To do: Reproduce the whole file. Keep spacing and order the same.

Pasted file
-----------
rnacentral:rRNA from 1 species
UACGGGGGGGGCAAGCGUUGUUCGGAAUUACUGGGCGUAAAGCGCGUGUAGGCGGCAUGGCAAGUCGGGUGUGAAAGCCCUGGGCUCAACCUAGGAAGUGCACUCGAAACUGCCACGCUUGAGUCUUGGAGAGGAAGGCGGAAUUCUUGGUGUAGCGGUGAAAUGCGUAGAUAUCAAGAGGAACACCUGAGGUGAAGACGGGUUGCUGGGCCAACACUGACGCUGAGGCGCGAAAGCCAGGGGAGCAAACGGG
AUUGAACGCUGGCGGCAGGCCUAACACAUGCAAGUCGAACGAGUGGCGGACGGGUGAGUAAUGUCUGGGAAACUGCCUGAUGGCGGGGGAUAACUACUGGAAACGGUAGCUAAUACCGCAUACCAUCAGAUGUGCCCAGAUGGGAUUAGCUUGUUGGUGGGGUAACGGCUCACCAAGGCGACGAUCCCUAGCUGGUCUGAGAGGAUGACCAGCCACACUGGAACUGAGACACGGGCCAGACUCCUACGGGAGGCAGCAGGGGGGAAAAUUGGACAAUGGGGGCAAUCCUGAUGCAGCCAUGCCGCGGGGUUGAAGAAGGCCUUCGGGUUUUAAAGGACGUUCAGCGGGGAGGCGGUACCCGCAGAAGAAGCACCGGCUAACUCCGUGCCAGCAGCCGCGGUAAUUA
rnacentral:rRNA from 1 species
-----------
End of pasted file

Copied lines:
rnacentral:rRNA from 1 species
UACGGGGGGGGCAAGCGUUGUUCGGAAUUACUGGGCGUAAAGCGCGUGUAGGCGGCAUGGCAAGUCGGGUGUGAAAGCCCUGGGCUCAACCUAGGAAGUGCACUCGAAACUGCCACGCUUGAGUCUUGGAGAGGAAGGCGGAAUUCUUGGUGUAGCGGUGAAAUGCGUAGAUAUCAAGAGGAACACCUGAGGUGAAGACGGGUUGCUGGGCCAACACUGACGCUGAGGCGCGAAAGCCAGGGGAGCAAACGGG
AUUGAACGCUGGCGGCAGGCCUAACACAUGCAAGUCGAACGAGUGGCGGACGGGUGAGUAAUGUCUGGGAAACUGCCUGAUGGCGGGGGAUAACUACUGGAAACGGUAGCUAAUACCGCAUACCAUCAGAUGUGCCCAGAUGGGAUUAGCUUGUUGGUGGGGUAACGGCUCACCAAGGCGACGAUCCCUAGCUGGUCUGAGAGGAUGACCAGCCACACUGGAACUGAGACACGGGCCAGACUCCUACGGGAGGCAGCAGGGGGGAAAAUUGGACAAUGGGGGCAAUCCUGAUGCAGCCAUGCCGCGGGGUUGAAGAAGGCCUUCGGGUUUUAAAGGACGUUCAGCGGGGAGGCGGUACCCGCAGAAGAAGCACCGGCUAACUCCGUGCCAGCAGCCGCGGUAAUUA
rnacentral:rRNA from 1 species